The gooey part of the recipe I found was the only disappointment when I made mine in 9″ square pans instead of the suggested 8″ square ones. It was too thin on top and that is not how I remember it at all. So I’ve revised the recipe accordingly to make more topping since I’m sure I’m not alone in only having 9″ pans; they’re pretty standard. The base I left the same, I was OK with less dough and more gooey; some things never change. Wondering if you heard that ‘YES!’ with my first bite? As an adult I enjoy the juxtaposition of the two components; one just slightly sweet and yeasty that is the perfect foil to the sweeter, almost toffee like baked topping but there has to be enough of that topping too. It’s perfect; you’ll see!
It may seem to just be a Gooey Butter Cake to you but for me it’s SO much more! In the same tradition as my Grandma; my dad made a trip every Sunday to a local bakery and brought home a paper and a Gooey Butter Cake; still in a bakery box tied with a string. We never tired of it (and neither did the dog!). Walk down memory lane with me and try this original version. Yes it takes longer but I’m betting there is no going back; nothing else compares to the real deal!
Real St. Louis Gooey Butter Cake
2 hr, 40
For the sweet dough
- 1/4 cup whole milk
- 2 teaspoons active dry yeast
- 6 tablespoons (3/4 stick) unsalted butter, at room temperature, plus more for pan
- 3 tablespoons granulated sugar
- 3/4 teaspoon salt
- 1 egg
- 1 3/4 cups all-purpose flour
For the Gooey Topping
- 12 Tbsp (1 and 1/2 sticks) butter
- 1 1/3 cups granulated sugar
- pinch of salt
- 3 Tbsp light corn syrup
- 2 tsp vanilla extract
- 1 egg
- 2 Tbsp water
- 1 1/4 cups all-purpose flour
- Powdered sugar, for dusting
- Powdered sugar, for dusting
To Make the dough:
- Heat the milk until barely lukewarm, about 100 degrees. Put milk in a small bowl; sprinkle yeast evenly over milk. Let sit for 5 minutes, then stir to dissolve. Set aside.
- In the bowl of a stand mixer fitted with a paddle attachment, beat the butter, sugar and salt on medium speed until light and fluffy, about 3 minutes.
- Add the egg and beat until incorporated, 1 to 2 minutes. Scrape down the bowl.
- Add all-purpose flour in three additions and the milk/yeast mixture in two additions, beginning and ending with the flour. Be sure to scrape the bowl of the milk mixture so that all yeast transfers to the dough. After each addition, beat on the slowest speed to combine, scraping the bowl occasionally.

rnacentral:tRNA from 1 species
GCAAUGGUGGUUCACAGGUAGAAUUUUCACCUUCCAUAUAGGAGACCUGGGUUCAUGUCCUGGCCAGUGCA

- After the final portion of flour has been incorporated, increase the speed to medium-low and beat for 5 minutes or until dough is smooth and slightly elastic.
- Butter two 9-inch-square pans; and press and stretch the dough into the pans. (If the dough resists stretching, covering the pan and allowing the dough to rest for 15 minutes or so should help.) Cover loosely with plastic wrap and allow the dough to rise for 2 hours.
Make the filling:
- Shortly before the dough is done rising, combine the butter, sugar, salt and corn syrup in the bowl of a mixer fitted with the paddle attachment. Beat on medium speed until light, about 3 minutes.
- Scrape down the bowl; add the vanilla extract and 1 egg. Beat until combined, then beat in the remaining egg.
- Add the milk and cake flour and mix to combine on low speed. Scrape down the bowl and give the mixture a final stir.
- When the dough is done rising, preheat the oven to 350 degrees. Cover the dough with dollops of the topping, dividing evenly between cakes.
- Spread topping almost to the edges (leave about a half inch uncovered with topping). Bake for about 20 to 25 minutes, until topping is crisp and golden brown; do not overbake. (Topping will melt and spread as it bakes.)
- Let cake cool in the pans on a rack. Sprinkle with powdered sugar just before cutting and serving.
So important to not overbake; the center will be gooey so a toothpick test won't help; just take it out as soon as the top starts to get a light golden brown and more importantly if you see the edges start to brown. That yeast layer is thin and overbaking 5 minutes can make it too dry.
I suggest running a knife around the edge after letting it sit for only a minute or two; that sticky gooey best part is also inclined to stick to a pan, even non-stick.
Old St. Louis Bakery Style Recipe from Chris Leuther's Collection